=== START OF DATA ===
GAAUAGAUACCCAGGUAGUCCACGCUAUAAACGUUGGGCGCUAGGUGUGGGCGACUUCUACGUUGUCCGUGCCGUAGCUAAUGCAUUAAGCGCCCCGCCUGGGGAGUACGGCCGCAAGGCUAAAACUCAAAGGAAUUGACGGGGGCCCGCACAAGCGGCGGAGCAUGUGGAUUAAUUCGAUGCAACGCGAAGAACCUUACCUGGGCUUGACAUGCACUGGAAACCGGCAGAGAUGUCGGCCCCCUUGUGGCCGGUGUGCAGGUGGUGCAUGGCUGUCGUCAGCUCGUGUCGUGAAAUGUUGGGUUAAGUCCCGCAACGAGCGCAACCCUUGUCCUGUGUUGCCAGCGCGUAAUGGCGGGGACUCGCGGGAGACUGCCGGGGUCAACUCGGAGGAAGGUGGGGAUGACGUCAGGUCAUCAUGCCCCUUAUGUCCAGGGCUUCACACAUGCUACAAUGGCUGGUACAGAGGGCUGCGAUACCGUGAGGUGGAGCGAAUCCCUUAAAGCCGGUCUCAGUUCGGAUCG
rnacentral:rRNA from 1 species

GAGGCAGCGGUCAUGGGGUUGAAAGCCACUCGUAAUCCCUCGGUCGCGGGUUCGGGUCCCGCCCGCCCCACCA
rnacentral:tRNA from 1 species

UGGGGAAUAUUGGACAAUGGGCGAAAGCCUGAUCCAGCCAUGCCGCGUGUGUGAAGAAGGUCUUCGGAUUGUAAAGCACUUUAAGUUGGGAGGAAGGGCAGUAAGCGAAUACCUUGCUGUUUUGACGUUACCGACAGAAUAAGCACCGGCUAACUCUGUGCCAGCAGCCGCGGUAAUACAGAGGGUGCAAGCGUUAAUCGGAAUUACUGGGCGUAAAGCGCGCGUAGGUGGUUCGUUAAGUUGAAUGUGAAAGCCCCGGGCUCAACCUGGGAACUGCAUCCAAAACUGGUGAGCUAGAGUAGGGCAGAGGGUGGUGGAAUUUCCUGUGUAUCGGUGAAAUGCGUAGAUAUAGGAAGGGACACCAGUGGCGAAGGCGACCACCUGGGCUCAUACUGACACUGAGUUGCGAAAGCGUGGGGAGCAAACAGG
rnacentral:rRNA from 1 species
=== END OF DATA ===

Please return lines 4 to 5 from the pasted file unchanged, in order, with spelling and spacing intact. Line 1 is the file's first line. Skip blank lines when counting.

rnacentral:tRNA from 1 species

UGGGGAAUAUUGGACAAUGGGCGAAAGCCUGAUCCAGCCAUGCCGCGUGUGUGAAGAAGGUCUUCGGAUUGUAAAGCACUUUAAGUUGGGAGGAAGGGCAGUAAGCGAAUACCUUGCUGUUUUGACGUUACCGACAGAAUAAGCACCGGCUAACUCUGUGCCAGCAGCCGCGGUAAUACAGAGGGUGCAAGCGUUAAUCGGAAUUACUGGGCGUAAAGCGCGCGUAGGUGGUUCGUUAAGUUGAAUGUGAAAGCCCCGGGCUCAACCUGGGAACUGCAUCCAAAACUGGUGAGCUAGAGUAGGGCAGAGGGUGGUGGAAUUUCCUGUGUAUCGGUGAAAUGCGUAGAUAUAGGAAGGGACACCAGUGGCGAAGGCGACCACCUGGGCUCAUACUGACACUGAGUUGCGAAAGCGUGGGGAGCAAACAGG